so this is the kind of fortification we're talking about...

so this is the kind of fortification we’re talking about…

Complicating the issue, later, after the coming of the Tokugawa and the establishment of 参勤交代  sankin-kōtai the alternate attendance system, this area became home to many palatial residences of 大名 daimyō lords. In 1627, the 讃岐高松藩松平家 Sanuki no Kuni Takamatsu-han no Matsudaira-ke the Matsudaira Family of theTakamatsu Domain in Sanuki Province, a branch family of the Tokugawa, established a 下屋敷 shimo-yashiki lower residence here. As mentioned in my article on sankin-kōtai, of a lord’s 3 usual residences, the lower residence was usually the grandest and would have included beautiful gardens and ponds.

Matsudaira Yoritoshi, last lord of the Takamatsu Matsudaira Family. (ie; the dude who had to surrendur his bad ass mansion in Edo to the Meiji Government)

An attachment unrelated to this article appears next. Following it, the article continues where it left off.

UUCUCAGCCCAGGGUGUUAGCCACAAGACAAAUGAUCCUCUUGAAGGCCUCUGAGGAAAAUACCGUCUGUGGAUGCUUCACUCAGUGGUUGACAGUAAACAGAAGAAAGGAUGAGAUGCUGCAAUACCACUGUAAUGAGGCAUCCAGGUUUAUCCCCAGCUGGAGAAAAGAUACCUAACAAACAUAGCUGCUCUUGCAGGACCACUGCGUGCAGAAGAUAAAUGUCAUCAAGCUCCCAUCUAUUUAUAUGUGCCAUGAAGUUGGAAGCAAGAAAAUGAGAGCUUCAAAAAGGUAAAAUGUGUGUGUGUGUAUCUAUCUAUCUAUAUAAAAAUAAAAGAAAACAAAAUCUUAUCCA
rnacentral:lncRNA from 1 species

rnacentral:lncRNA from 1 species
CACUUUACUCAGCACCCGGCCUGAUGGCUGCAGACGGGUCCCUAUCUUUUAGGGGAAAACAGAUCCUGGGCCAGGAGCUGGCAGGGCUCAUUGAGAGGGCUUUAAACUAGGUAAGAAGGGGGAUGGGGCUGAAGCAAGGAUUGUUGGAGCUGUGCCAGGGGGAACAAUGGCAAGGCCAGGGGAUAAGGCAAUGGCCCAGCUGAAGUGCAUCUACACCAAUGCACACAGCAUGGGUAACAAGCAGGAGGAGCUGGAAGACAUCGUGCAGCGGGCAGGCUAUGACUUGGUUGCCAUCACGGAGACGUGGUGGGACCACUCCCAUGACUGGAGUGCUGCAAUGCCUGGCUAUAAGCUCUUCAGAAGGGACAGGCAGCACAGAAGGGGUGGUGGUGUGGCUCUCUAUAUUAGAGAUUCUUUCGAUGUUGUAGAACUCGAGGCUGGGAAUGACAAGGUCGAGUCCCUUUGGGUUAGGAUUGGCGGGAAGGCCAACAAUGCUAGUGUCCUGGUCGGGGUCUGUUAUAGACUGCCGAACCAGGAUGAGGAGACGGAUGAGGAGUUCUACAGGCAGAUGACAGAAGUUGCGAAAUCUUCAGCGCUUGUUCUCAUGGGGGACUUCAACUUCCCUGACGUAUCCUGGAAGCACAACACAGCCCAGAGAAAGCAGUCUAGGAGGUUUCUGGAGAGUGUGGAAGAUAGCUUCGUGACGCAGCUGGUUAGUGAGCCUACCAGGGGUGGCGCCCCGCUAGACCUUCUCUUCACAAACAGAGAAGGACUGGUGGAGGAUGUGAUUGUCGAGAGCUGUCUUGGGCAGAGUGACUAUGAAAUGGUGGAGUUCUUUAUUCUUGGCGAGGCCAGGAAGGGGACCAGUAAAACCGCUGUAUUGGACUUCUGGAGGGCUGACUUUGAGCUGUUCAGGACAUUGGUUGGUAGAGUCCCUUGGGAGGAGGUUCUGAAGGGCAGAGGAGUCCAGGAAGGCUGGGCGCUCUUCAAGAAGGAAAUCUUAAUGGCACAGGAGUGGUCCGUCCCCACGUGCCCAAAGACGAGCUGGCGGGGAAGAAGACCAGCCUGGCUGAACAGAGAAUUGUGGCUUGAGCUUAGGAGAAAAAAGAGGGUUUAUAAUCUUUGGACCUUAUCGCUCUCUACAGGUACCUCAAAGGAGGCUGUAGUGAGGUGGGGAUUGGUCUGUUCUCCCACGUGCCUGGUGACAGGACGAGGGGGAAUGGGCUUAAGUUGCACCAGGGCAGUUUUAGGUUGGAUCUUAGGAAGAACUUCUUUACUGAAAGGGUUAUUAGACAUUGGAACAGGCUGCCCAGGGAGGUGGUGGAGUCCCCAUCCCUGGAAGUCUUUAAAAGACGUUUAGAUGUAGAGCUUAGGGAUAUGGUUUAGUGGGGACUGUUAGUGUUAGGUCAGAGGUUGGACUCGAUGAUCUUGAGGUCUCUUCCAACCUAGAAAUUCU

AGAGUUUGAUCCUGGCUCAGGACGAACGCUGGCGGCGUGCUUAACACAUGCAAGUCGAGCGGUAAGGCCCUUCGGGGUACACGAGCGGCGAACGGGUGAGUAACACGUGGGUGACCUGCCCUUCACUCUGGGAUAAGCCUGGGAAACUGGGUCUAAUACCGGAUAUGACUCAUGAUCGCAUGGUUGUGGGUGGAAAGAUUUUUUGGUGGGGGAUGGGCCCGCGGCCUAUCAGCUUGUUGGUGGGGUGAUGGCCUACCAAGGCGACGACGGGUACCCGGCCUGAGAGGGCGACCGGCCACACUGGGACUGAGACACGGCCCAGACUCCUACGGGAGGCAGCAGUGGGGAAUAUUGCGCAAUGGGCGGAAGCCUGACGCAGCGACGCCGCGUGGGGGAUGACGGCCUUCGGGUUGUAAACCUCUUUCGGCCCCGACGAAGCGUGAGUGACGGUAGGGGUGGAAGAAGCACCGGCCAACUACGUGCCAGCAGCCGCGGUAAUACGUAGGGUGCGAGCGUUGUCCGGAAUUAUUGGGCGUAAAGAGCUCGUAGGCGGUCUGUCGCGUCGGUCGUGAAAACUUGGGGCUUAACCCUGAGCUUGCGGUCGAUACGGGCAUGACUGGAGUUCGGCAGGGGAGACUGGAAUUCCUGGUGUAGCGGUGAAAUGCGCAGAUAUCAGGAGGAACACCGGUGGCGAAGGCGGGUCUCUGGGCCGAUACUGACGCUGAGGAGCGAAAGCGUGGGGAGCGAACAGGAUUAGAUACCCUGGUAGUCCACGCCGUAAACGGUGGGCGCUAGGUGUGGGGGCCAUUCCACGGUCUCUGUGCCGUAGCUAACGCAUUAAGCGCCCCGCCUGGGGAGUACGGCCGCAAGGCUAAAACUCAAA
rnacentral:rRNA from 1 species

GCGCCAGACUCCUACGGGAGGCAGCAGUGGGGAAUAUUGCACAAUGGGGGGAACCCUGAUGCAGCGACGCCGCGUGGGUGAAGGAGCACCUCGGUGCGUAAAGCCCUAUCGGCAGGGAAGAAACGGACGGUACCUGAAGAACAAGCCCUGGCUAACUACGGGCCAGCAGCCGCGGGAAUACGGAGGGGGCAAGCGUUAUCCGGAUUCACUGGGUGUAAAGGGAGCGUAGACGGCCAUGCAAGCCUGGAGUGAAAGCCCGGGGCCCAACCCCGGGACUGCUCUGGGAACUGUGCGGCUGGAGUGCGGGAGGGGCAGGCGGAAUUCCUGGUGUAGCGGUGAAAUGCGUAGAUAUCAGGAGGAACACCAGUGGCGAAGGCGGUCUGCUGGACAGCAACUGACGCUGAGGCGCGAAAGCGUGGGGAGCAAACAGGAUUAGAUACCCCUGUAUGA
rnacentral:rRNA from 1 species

Matsudaira Yoritoshi, last lord of the Takamatsu Matsudaira Family.
(ie; the dude who had to surrendur his bad ass mansion in Edo to the Meiji Government)

In the Meiji Era[v], the imperial government set about its wholesale erasing samurai history and appropriated the sprawling palace of the Matsudaira and repurposed the land as an arsenal for the Imperial Navy. In 1893, the arsenal was transferred to the Imperial Army. In 1917, the wooded area was granted to the Imperial Forestry Bureau. In 1949, the area was finally open to the public as 国立自然教育園 Kokuritsu Shizen Kyōikuen the National Park for the Study of Nature.

OK, so this is the traditional narrative and, as mentioned, etymologically speaking it’s open to a lot of criticism. That said, the presence of fortifications there are very real.

However, another intriguing theory exists. This theory proposes that the name actually derives from a Classical Japanese phrase 城ヶ根 shiro ka ne/shiro ga ne/jō ga ne which would mean something along the lines of “the castle’s embankments” or “castle foundations.”  According to this etymology, the presence of a former lord’s castle ruins from time immemorial came to be written in more auspicious kanji, ie; 白金 shirogane/shirokane “silver” or “silver coins.” In the Edo Period, a folk etymology came to be circulated which created this Shirokane Chōja Silver Coin Millionaire character and story.